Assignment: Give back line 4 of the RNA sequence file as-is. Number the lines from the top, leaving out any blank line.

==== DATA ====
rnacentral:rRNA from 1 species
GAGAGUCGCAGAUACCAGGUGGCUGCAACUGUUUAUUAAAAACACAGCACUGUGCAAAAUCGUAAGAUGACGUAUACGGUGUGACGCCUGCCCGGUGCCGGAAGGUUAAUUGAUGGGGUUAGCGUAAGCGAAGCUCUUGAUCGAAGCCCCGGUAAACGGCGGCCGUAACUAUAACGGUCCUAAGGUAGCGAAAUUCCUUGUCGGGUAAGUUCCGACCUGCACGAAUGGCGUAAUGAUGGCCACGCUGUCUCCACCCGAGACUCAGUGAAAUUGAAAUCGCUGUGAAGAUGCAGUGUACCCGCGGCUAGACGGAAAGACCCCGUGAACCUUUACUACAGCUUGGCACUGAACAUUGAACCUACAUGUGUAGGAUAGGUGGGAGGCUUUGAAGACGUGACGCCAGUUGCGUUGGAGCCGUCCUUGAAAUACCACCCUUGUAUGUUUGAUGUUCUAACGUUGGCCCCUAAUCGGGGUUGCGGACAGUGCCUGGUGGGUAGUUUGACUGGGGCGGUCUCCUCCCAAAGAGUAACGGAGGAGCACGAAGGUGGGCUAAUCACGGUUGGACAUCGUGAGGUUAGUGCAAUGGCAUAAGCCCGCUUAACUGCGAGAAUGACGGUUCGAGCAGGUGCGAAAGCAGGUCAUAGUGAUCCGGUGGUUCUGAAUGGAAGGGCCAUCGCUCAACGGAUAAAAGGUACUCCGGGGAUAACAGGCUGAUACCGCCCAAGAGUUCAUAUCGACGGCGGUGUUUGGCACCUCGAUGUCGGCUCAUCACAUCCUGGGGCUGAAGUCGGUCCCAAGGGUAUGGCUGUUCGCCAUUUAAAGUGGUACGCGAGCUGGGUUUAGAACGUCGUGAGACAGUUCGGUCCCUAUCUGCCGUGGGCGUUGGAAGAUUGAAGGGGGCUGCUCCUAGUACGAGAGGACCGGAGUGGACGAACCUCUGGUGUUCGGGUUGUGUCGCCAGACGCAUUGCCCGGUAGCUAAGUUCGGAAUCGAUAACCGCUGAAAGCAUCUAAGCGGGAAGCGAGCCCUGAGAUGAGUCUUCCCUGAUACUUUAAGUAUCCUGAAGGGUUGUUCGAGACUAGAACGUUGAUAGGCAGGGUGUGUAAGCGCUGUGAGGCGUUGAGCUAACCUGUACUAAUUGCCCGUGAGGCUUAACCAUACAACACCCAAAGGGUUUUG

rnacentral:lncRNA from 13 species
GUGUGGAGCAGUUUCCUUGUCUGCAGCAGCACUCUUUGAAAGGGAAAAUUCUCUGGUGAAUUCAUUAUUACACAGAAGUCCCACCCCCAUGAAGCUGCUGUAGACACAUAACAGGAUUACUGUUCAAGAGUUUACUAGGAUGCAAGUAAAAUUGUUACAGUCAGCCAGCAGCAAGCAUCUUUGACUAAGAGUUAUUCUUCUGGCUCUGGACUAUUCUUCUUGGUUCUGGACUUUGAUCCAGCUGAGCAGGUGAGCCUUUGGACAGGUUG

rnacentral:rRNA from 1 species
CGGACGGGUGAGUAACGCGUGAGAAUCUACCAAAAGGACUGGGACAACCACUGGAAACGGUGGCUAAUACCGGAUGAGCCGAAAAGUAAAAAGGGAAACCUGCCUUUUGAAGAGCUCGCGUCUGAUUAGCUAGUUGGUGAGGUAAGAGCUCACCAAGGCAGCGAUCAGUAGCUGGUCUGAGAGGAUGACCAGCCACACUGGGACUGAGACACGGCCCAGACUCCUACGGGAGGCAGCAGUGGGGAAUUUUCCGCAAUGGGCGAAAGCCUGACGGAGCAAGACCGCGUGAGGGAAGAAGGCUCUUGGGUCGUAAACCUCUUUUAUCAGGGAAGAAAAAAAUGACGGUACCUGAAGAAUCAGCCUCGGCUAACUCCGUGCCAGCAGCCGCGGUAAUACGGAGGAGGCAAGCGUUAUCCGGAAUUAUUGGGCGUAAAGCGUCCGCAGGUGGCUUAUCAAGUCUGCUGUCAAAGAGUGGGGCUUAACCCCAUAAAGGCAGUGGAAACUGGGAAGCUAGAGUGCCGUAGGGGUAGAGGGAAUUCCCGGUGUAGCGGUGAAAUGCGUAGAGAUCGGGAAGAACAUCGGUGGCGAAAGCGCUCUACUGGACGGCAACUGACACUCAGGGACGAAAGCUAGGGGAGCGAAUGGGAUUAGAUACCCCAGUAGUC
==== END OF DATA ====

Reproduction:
GUGUGGAGCAGUUUCCUUGUCUGCAGCAGCACUCUUUGAAAGGGAAAAUUCUCUGGUGAAUUCAUUAUUACACAGAAGUCCCACCCCCAUGAAGCUGCUGUAGACACAUAACAGGAUUACUGUUCAAGAGUUUACUAGGAUGCAAGUAAAAUUGUUACAGUCAGCCAGCAGCAAGCAUCUUUGACUAAGAGUUAUUCUUCUGGCUCUGGACUAUUCUUCUUGGUUCUGGACUUUGAUCCAGCUGAGCAGGUGAGCCUUUGGACAGGUUG